SHOULD YOU WEAR STATEMENT SOCKS?
ATTITUDES TOWARD SOCKS ARE RAPIDLY SHIFTING
For men, socks have gone the way of the power tie: A way to break up the monotony of a corporate-approved charcoal suit and blue dress shirt. Flashed only at the ankle and often obscured by a structured trouser leg, a bold pop of colour or print hints at your individuality, especially when workplace dress codes squelch nearly all forms of self-expression on the job. Somewhere around 2013 or 2014, attitudes toward socks started to shift. At the time, NPD Research Group found that 73 percent of men wear socks every day, versus 41 percent of women, and on average, they’re more likely to spend more on a pair, regardless of whether it’s a casual or athletic style. Their popularity has only grown since, with statement socks now seen at both luxury menswear shops and discount department stores, crossing classic and trendy prints, and geared toward practically.
In another sense, the statement sock reveals that you can be formal yet still fun, professional yet understanding the boundaries of flair. Canadian Prime Minister Justin Trudeau generally provides the example for doing it correctly: For instance, during various appearances, he’ll show up in a solid-colour, well-fitting suit, yet accent it with a striped or check pattern around the ankles. Yet, aside from that now-viral Chewbacca print spotted at the Bloomberg Global Business Forum last September, the pattern doesn’t appear overly distracting – rather, it’s a splash of something extra, a print to break up the expected solid shades, and is less predictable than a pocket square. For men in 2018, even when you work in a more creative environment, the question remains, “Should you attempt statement socks?” as opposed to wearing traditional black, white, or navy or even foregoing them entirely, exposing your “mankles” in the process. However, if you’ve ever tried printed shorts, a bold-coloured shoe, or even men’s jewellery, a sock with an equally flashy print seems like less of a stretch.
Tastefully Breaking Dress Code Rules
For decades now, the rules for men’s dress socks were simple: Dark shades and match them with your trousers. As such, black trousers called for black socks, navy for navy, and so on. It didn’t matter where you were: No one wanted to be the guy in the room sporting white athletic socks with his dark-coloured work getup. As workplace dress codes loosen, so have attitudes toward socks. Although these older rules still apply in suit-and-tie situations, a statement sock pushes the boundaries without bulldozing over them. Although someone like Trudeau toes the line between tasteful and tacky, the colour scheme makes it work: For instance, even the most gaudy, outlandish prints seem less so when you pair its shades with your trousers and footwear.
The Statement Accessory
No, men don’t have the same degree of choices that women do, but the principle remains the same: A well-picked accessory or two transforms the most basic, standard outfits. Think of the navy suit with a paisley pocket square, or a bomber-tee-and-chinos ensemble with a snapback. In these scenarios, the accessory essentially makes the outfit, and statement socks fall right in line as a subtle but deliberate choice that adds a quirky character. And, adding that touch of effervescence isn’t such a challenge: Sometimes, a solid, bold shade or a striped print is all it takes.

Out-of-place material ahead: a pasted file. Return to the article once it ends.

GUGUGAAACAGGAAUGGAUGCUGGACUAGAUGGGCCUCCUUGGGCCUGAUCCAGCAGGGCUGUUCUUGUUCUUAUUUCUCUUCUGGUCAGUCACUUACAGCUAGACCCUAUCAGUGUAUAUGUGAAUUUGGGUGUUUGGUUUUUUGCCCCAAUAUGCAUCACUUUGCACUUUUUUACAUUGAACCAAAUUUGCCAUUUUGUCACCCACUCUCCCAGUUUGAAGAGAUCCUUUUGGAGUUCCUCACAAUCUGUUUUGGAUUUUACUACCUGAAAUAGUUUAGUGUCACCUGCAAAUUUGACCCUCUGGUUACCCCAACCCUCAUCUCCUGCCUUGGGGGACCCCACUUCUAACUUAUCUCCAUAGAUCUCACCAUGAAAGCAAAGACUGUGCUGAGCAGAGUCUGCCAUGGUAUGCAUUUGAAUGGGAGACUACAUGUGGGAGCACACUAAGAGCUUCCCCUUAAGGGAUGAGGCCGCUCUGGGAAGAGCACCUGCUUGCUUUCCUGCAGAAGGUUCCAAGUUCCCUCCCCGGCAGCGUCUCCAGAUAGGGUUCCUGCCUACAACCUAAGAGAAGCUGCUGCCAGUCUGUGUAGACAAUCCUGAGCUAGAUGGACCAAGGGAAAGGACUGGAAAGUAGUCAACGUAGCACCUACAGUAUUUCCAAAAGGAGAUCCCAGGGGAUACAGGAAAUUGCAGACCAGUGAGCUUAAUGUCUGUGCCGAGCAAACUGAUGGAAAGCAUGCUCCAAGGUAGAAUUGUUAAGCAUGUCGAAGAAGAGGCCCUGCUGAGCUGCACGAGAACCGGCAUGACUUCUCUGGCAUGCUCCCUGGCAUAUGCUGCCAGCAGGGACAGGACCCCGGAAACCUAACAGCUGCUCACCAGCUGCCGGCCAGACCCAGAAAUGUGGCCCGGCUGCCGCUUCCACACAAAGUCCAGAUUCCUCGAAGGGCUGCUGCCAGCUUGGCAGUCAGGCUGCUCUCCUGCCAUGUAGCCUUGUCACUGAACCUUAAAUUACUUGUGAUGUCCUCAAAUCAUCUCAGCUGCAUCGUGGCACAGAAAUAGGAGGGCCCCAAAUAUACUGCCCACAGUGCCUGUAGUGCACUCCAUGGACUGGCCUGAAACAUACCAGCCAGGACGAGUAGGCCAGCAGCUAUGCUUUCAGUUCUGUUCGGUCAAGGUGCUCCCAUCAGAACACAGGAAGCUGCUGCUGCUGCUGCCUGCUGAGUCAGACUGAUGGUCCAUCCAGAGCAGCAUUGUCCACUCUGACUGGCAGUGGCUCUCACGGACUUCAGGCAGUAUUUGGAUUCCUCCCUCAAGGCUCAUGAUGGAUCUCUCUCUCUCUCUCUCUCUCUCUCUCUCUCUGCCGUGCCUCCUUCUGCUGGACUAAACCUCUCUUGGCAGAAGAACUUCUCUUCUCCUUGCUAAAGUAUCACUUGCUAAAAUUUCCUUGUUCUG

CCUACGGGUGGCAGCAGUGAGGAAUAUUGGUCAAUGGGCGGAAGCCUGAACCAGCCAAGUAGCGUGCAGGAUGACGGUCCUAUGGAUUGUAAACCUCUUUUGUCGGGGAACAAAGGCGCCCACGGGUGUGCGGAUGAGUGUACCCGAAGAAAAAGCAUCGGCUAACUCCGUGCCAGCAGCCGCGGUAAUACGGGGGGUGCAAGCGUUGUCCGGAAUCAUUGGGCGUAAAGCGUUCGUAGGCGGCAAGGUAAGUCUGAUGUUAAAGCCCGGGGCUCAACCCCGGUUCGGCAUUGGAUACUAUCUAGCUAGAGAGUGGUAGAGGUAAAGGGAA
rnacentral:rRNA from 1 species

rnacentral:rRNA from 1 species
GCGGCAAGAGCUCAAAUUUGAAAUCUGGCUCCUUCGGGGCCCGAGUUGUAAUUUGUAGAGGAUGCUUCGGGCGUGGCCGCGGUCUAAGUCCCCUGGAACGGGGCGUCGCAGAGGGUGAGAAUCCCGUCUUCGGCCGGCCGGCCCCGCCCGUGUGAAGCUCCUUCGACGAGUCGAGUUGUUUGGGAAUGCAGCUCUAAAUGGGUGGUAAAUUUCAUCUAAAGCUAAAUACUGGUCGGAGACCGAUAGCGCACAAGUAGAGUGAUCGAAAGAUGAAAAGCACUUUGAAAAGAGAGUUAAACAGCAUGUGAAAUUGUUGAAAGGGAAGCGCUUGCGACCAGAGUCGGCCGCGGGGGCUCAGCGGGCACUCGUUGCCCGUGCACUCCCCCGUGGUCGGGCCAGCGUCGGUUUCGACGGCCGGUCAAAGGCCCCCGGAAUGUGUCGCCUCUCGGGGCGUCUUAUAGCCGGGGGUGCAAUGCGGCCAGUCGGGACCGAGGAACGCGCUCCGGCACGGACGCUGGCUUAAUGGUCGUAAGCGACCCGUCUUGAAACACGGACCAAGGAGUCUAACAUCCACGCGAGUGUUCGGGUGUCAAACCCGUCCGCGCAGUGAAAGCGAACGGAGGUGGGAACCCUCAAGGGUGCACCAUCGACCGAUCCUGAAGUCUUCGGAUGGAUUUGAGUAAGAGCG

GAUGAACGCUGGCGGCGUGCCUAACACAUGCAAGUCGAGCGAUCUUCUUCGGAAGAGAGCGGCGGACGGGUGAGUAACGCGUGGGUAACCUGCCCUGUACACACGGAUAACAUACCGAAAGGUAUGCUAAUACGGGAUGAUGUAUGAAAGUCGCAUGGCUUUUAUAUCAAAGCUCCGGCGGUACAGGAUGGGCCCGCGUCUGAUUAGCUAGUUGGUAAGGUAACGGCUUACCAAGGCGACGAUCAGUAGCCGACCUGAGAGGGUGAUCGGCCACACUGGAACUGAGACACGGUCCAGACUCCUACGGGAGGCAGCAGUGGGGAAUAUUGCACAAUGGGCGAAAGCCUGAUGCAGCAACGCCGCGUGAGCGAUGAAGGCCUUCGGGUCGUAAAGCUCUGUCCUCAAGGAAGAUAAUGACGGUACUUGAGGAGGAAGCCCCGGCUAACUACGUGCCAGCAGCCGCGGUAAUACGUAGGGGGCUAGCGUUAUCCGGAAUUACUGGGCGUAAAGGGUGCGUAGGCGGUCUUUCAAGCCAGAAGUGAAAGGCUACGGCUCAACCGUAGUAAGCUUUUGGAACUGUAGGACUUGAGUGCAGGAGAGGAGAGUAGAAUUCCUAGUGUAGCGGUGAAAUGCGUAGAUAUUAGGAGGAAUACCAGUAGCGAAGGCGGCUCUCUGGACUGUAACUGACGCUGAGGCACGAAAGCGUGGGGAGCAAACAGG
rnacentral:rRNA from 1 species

With this last point in mind, the first step toward breaking away from the typical black-navy-charcoal trifecta is selecting another, less-standard solid shade – red, bright blue, royal purple, or even forest green often adds just enough emphasis. A nudge further, and you’ve got the classic print: Two or three shades for a hint of colour-blocking that’s rarely noticeable until you sit down. For a few examples, Thomas Pink’s stretches the spectrum from narrow to wider stripes while boldSOCKS.com does multiple variations on an argyle print. But, with statement socks having their moment, why be ordinary? Men’s socks now feature an array of geometric, repeating, and digital prints, or are intentionally branded – think Vetements taking a solid-white shade and adding its brand across in bold black lettering. As a fusion of these concepts, Vans has taken its recognisable checkerboard print, and applied it to an over-the-calf silhouette.
Yet, regardless of which print you select, the rules of power dressing still apply. Colours should reflect some element of your outfit – for instance, a purple-striped shirt with solid-purple statement socks. Or, select from a similar colour group – blues or reds and purple, in this case. If you’re deliberately creating a clash or contrast, let your socks be the only piece to do so. Otherwise, your ensemble ends up being too busy or, worse, looks like an eyesore full of distractions. On the other hand, there’s the question of how much sock to show. Ideally, even as you stand, they remain slightly visible – above your low-cut shoes and below a slightly cropped or rolled trouser leg. If the trousers go too high, however, it looks like you can’t dress yourself – or, worse, like you’re cosplaying an early 20th-century golfer. By contrast, if your trousers are too long or your footwear too tall, there’s almost no point in adding a print to your socks – no one, except for you during your morning routine, will actually get a glimpse.